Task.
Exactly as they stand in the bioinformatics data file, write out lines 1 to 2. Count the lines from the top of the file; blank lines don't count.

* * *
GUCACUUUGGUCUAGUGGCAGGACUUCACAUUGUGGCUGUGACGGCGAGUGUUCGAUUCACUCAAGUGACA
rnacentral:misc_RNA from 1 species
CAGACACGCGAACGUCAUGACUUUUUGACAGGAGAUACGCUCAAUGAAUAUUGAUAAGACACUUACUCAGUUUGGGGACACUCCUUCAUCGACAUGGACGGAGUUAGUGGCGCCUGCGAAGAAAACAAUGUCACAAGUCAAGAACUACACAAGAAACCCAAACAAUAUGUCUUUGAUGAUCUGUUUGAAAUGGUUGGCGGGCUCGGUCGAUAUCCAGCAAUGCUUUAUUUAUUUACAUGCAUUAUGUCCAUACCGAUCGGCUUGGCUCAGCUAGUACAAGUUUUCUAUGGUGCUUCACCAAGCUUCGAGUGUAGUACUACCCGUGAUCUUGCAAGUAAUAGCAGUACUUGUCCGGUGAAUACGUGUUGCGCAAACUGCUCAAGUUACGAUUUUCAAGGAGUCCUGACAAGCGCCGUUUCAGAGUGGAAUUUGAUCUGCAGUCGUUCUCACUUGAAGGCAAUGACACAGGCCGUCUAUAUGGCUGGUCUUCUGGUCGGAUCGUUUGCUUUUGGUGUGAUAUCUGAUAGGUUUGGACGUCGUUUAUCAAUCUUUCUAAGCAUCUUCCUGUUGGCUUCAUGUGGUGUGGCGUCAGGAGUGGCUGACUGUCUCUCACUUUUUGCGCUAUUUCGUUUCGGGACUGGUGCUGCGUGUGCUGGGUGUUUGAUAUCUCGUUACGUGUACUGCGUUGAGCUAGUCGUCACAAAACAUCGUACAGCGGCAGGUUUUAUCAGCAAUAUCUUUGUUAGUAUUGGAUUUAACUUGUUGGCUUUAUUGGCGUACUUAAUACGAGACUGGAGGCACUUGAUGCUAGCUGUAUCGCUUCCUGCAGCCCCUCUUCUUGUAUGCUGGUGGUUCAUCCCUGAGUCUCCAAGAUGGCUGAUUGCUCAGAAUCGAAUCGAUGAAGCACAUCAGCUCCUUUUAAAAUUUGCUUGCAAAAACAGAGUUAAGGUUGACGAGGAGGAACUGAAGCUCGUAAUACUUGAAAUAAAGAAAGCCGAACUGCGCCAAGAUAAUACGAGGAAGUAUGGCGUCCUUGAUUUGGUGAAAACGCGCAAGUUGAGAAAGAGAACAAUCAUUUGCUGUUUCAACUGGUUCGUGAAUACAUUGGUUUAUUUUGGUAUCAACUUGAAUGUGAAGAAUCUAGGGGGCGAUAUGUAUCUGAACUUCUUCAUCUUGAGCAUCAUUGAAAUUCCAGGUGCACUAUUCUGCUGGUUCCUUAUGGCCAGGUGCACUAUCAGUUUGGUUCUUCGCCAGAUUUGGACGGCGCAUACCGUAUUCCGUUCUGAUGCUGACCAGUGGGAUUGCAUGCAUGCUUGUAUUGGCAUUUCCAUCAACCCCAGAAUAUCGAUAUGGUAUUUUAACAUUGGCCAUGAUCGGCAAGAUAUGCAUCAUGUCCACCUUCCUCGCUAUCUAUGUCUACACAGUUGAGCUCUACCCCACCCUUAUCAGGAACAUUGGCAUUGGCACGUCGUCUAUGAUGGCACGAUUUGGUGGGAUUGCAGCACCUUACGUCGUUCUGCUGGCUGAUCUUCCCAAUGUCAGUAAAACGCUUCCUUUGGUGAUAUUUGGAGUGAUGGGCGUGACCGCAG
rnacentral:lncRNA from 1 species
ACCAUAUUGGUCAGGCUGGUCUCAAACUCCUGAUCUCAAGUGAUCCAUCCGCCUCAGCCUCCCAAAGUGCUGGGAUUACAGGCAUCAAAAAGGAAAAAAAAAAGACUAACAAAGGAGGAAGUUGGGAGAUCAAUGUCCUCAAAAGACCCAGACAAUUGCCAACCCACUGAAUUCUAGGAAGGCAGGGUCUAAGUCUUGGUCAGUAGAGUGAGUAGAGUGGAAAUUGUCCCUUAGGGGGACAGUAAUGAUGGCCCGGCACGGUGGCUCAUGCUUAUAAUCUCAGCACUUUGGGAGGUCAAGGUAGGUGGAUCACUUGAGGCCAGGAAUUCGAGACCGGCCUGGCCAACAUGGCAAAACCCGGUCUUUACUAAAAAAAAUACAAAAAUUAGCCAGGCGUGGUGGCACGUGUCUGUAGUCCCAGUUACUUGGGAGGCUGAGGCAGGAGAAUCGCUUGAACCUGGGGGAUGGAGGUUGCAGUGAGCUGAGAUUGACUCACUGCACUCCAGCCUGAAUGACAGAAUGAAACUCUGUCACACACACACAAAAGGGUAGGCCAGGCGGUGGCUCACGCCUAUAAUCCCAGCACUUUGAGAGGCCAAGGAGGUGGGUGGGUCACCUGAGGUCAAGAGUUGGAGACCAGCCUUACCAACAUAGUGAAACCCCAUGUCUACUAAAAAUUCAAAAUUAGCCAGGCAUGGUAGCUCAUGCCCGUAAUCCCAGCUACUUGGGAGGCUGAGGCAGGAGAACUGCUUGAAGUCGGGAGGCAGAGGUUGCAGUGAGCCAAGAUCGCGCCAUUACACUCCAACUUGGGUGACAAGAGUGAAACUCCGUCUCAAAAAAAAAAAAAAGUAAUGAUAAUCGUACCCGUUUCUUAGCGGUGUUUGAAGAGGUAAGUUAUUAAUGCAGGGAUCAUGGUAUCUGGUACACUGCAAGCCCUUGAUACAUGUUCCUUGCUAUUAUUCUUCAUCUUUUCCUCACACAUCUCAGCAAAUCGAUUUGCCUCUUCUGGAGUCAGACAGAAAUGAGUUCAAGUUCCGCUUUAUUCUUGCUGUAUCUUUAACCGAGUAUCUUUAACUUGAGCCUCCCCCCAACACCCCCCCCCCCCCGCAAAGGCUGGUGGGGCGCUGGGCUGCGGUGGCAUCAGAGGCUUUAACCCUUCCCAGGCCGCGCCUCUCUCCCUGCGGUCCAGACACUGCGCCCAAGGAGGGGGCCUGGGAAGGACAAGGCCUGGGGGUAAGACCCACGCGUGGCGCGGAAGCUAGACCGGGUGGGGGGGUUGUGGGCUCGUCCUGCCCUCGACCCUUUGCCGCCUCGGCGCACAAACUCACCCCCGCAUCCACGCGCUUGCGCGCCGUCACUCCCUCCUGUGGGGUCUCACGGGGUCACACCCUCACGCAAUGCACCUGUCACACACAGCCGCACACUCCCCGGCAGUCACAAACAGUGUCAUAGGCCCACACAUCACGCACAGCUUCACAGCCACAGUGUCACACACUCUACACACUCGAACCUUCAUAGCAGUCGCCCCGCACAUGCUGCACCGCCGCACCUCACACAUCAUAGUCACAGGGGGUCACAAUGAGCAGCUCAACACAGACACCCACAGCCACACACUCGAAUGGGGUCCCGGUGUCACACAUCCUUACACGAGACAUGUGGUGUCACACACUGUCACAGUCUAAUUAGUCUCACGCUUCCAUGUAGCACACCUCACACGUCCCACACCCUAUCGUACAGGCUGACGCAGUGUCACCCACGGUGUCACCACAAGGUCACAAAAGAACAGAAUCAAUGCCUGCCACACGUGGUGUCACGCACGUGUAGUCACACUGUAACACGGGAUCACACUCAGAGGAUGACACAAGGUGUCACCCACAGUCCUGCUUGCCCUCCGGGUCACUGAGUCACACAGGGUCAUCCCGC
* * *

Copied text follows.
GUCACUUUGGUCUAGUGGCAGGACUUCACAUUGUGGCUGUGACGGCGAGUGUUCGAUUCACUCAAGUGACA
rnacentral:misc_RNA from 1 species